Grass Valley resident honored with Mensa Creativity Award: Recognized for his creative application of Sudoku as a professional teaching tool
July 25, 2018
ARLINGTON, TX. — Jerry Martin of Grass Valley believes Sudoku, a puzzle pastime enjoyed by millions, can teach young students how to think, in addition to traditional school subjects, which teach what to think.
Sparking critical thinking and logical reasoning using these exercises isn't the solitary goal of Martin's work, though. With community support, and through his nonprofit's sponsorship of an annual children's team sudoku tournament, he aims to help elementary-age students develop the interpersonal intelligence gained through empathetic communication and teamwork.
"I'm trying to persuade educators to recognize Sukoku's value, starting here in my hometown and eventually spreading to many other school districts," he said. The excitement and concentration he saw in competitor's faces, Martin noted, made him realize just how much value the brain teaser could bring to an educational setting.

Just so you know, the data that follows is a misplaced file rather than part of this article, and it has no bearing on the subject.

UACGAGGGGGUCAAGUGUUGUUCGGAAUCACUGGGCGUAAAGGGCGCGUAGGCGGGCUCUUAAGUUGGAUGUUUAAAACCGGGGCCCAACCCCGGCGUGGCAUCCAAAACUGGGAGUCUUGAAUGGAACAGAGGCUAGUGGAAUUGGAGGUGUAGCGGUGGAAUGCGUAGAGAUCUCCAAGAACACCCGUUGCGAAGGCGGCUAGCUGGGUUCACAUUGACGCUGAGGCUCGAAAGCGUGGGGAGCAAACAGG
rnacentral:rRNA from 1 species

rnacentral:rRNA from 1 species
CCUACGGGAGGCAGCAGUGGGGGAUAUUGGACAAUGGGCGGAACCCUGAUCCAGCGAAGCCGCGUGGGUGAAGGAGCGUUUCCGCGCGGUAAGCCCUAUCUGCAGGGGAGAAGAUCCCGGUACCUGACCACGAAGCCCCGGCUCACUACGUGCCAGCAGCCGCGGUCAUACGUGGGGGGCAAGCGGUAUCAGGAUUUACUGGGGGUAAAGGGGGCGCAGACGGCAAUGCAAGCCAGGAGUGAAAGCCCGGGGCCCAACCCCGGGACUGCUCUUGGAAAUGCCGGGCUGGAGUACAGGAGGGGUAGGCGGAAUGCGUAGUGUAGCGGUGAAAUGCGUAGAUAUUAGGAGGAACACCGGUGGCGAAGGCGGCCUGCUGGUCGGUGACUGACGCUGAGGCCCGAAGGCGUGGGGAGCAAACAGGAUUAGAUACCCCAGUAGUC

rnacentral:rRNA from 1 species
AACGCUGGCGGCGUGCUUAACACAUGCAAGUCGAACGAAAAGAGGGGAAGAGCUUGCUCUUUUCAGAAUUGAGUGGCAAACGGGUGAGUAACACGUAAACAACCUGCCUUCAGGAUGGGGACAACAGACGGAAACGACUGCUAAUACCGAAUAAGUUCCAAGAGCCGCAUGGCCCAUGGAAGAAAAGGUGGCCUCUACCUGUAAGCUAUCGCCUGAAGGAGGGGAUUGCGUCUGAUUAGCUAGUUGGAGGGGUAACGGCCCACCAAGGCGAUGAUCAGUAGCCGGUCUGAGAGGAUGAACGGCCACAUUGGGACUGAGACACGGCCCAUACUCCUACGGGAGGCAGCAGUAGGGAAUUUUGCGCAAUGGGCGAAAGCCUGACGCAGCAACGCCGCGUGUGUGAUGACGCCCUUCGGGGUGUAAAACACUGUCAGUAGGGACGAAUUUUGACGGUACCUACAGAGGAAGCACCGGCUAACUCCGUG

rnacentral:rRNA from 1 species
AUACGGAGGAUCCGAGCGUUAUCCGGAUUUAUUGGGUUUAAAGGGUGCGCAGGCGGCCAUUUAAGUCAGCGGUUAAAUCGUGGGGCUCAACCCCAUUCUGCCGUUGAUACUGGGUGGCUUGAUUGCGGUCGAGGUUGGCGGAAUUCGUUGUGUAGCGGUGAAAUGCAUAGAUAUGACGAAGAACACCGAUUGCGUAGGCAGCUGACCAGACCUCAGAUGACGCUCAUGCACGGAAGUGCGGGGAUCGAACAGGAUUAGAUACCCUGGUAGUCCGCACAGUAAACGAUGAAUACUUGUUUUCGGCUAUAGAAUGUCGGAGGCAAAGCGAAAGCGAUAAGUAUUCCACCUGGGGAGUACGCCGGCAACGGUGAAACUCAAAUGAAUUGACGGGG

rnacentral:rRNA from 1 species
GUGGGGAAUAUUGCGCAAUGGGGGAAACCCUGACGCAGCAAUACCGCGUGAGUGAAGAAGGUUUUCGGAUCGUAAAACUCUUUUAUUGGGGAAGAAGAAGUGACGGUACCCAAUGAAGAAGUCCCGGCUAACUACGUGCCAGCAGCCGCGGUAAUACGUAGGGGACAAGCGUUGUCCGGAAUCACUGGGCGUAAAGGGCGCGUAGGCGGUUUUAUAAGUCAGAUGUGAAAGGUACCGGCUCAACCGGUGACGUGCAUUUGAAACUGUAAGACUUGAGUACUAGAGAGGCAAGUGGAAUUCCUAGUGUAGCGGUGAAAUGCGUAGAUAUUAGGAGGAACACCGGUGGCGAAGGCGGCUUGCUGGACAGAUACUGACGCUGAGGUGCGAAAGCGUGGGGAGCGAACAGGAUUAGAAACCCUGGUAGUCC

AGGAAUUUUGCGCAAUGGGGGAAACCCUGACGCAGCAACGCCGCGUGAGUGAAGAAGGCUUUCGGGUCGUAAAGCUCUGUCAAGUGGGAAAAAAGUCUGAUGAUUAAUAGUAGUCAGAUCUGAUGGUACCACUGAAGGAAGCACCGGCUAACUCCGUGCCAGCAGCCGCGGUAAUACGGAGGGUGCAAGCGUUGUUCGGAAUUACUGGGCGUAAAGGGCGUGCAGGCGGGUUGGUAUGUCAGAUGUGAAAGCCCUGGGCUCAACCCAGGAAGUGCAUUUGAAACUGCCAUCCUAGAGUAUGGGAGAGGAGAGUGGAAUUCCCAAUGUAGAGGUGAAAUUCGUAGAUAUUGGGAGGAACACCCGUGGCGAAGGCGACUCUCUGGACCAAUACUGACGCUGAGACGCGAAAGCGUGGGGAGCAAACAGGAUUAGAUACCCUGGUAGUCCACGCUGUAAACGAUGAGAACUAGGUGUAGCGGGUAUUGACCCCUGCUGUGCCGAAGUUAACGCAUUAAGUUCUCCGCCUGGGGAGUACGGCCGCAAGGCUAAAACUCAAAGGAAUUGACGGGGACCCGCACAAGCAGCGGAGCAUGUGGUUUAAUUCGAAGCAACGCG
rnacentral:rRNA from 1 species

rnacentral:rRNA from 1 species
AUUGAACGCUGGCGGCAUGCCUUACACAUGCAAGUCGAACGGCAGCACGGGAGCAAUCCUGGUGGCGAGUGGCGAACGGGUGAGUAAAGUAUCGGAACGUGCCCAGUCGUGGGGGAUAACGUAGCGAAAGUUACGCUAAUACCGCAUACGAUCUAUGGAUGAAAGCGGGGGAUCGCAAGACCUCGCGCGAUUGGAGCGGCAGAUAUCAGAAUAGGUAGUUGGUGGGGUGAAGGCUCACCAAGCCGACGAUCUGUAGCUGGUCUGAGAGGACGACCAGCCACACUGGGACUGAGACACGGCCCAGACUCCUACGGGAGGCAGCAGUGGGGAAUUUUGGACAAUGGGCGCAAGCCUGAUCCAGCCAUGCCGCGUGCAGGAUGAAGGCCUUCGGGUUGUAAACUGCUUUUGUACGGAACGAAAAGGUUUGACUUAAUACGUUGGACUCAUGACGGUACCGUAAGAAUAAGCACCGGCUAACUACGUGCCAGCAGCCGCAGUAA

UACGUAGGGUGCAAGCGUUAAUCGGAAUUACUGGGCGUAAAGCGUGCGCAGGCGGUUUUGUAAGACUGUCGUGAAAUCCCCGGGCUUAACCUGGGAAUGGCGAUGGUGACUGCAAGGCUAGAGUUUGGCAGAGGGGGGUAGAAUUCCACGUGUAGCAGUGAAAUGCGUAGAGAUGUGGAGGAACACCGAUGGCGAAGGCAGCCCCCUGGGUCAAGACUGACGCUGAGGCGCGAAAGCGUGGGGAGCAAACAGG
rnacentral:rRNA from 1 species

First published in 1979 by Dell Pencil Puzzles, under the name Number Place, modern Sudoku is thought to have been designed by 74-year-old retired architect Howard Garns, though the variations of the puzzle can be found in 19th century French newspapers.
"Unlike most school subjects, which teach what to think, Sudoku teaches how to think," Martin said. "This makes it special and unique. I believe Sudoku is a powerful, practical and appealing tool for impacting cognitive evolution."
Martin said he plans to continue working with educators to introduce the number puzzle into as many classrooms as he can.
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Mensa presents annually its Copper Black Award for Creative Achievement — not for the creativity of a single person, but for a specific creative achievement that has been demonstrated to be of practical value, or an innovation that has been implemented, at least in part, to the advantage of persons other than the nominee.
Martin said he's elated about winning the award, but it's the work that renews his spirit.
"I have found a mission that is extremely important, giving my remaining life a fulfilling purpose, a direction that can eventually make a difference," he said. "Six or more years ago I thought this idea was wacky, unrealistic woo-woo. Not now."
American Mensa is an organization open to anyone who scores in the top 2 percent on an accepted, standardized intelligence test. Mensa has more than 50,000 members in the United States and more than 130,000 members globally. For more information about American Mensa, visit americanmensa.org or call 817-607-0060.
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